6 Great Musicians Who Should Have Won An Oscar For Their Acting Turn

Tupac Shakur in Juice, Diana Rossi n Lady Sings the Blues, Janet Jackson in For Colored Girls
(Image credit: Paramount/Lionsgate)

With the 96th Academy Awards on the horizon, multiple music superstars are up for Oscars (usually in the Score and Song categories). Musicians are routinely up for those categories. However, there are rare cases where music artists have garnered acting nominations for their film performances. Some music superstars scored Academy Awards, including Barbra Streisand, Cher, Jared Leto, and Will Smith. Others garnered at least one Oscar nom, including Queen Latifah, Andra Day, Mary J. Blige, Frank Sinatra, and Bette Midler. There’s another category – those who got acclaim but failed to secure a well-deserved Oscar nomination or win.

So, here are some great musicians who should have won an Oscar for their acting turn.

Aretha Franklin (Jennifer Hudson) in Respect

(Image credit: Universal)

Jennifer Hudson - Respect

Of course, most viewers know Jennifer Hudson has the vocal chops to pull off any musical film moment (i.e., Dreamgirls and Cats). However, Hudson took on her most challenging role yet – the Queen of Soul and Rock and Roll Hall of Famer Aretha Franklin in the 2021 biopic Respect.

Much like Jamie Foxx in Ray, the Oscar winner sang Franklin’s songs live due to having a similar vocal range and tone to the late singer. However, Hudson’s acting chops are rivaled by her vocal abilities. She became the soul music icon through her speech, mannerisms, and personality. This technique was possible as Hudson studied Franklin, who handpicked the actress. The talk show host showed her emotional range, covering Franklin’s highlights and lowlights.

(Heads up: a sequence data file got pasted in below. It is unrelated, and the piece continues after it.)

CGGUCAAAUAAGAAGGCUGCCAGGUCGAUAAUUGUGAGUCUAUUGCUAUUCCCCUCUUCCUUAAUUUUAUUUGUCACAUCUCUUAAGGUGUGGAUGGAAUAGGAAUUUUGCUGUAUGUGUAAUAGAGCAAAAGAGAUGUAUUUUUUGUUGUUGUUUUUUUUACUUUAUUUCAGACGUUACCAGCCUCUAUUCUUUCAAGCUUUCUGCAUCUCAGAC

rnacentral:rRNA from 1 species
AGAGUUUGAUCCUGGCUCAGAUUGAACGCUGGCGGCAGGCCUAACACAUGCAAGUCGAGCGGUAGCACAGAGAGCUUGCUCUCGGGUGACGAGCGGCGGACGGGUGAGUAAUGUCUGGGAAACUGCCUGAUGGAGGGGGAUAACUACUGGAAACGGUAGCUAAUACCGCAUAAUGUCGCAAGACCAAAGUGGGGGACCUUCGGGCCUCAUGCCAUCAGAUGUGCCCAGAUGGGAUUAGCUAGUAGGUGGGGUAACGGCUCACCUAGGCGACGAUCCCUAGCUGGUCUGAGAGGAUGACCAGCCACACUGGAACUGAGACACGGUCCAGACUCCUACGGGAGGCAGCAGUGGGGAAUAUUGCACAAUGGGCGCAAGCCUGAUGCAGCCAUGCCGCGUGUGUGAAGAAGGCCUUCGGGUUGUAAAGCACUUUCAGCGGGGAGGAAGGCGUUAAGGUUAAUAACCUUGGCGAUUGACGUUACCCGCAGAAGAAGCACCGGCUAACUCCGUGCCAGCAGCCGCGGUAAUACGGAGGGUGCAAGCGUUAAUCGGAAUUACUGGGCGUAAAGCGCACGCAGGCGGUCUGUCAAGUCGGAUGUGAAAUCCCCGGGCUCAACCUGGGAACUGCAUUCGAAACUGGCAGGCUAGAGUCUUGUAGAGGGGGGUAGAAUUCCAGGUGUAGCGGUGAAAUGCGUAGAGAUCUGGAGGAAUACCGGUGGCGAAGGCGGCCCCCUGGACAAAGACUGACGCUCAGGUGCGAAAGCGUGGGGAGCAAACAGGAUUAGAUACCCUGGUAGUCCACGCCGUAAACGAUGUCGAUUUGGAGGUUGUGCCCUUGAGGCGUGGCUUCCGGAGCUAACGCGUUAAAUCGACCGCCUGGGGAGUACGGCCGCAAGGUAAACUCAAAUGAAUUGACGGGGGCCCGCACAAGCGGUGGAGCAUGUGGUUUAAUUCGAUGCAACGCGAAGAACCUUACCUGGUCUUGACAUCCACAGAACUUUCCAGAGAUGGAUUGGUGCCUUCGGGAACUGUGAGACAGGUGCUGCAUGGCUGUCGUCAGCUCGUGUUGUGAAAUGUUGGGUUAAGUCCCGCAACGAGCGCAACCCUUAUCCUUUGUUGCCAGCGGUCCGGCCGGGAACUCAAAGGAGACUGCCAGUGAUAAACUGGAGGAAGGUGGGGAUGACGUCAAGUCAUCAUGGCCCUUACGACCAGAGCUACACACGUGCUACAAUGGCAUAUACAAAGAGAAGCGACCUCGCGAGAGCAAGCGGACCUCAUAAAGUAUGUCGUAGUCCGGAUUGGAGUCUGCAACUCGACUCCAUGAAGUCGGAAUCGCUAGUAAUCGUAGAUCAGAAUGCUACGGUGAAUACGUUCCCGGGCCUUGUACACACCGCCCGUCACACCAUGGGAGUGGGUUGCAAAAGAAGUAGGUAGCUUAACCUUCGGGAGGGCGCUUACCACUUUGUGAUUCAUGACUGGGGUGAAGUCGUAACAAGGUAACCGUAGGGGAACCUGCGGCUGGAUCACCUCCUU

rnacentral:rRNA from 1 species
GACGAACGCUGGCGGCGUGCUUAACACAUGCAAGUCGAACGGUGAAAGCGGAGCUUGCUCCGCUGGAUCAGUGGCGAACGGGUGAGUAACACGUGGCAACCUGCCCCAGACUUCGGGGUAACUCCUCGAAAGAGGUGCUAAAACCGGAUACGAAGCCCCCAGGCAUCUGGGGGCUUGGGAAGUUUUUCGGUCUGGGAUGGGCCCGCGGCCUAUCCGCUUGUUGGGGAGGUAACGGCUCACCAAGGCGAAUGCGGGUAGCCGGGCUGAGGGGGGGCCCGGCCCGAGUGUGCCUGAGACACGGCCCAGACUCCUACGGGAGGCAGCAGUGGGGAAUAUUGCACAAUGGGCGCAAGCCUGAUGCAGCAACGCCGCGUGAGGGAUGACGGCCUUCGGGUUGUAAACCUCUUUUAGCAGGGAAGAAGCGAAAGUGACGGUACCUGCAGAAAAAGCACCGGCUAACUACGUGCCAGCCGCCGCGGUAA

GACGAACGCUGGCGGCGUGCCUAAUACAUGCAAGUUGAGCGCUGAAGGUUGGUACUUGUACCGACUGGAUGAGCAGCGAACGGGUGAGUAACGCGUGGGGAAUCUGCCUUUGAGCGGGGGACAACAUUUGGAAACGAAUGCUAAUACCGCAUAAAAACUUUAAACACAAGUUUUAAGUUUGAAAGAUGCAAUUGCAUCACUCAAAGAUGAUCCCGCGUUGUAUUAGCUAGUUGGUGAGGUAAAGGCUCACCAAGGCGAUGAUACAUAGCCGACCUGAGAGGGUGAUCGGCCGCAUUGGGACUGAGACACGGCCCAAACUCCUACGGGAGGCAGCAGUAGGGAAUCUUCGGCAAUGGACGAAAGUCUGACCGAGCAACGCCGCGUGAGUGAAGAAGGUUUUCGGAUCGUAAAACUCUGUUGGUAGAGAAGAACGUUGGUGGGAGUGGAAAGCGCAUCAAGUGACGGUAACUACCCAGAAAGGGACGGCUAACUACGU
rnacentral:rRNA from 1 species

While Jennifer Hudson snagged a SAG nomination, it didn’t translate into a Best Actress Oscar nomination despite winning Best Supporting Actress for Dreamgirls in 2007. The film is available to stream on Peacock.

Bishop (Tupac Shakur) in Juice

(Image credit: Paramount)

Tupac Shakur - Juice

Most moviegoers know Tupac Shakur was a rap legend taken from the world too soon. However, Shakur was a rising Hollywood star with his first lead role in the 1992 coming-of-age film Juice as delinquent Roland Bishop.

The rapper’s acting background shone through as he played a street kid. The role saw his metamorphosis from a bullied militant delinquent to a homicidal psychopath. He captured being fearful and frustrated to ruthless, blood-thirsty, and menacing. Shakur shined the most in scenes with co-stars Omar Epps, Khalil Kain, and Jermain Hopkins. At the same time, he was a scene-stealer playing against veterans like Samuel L. Jackson.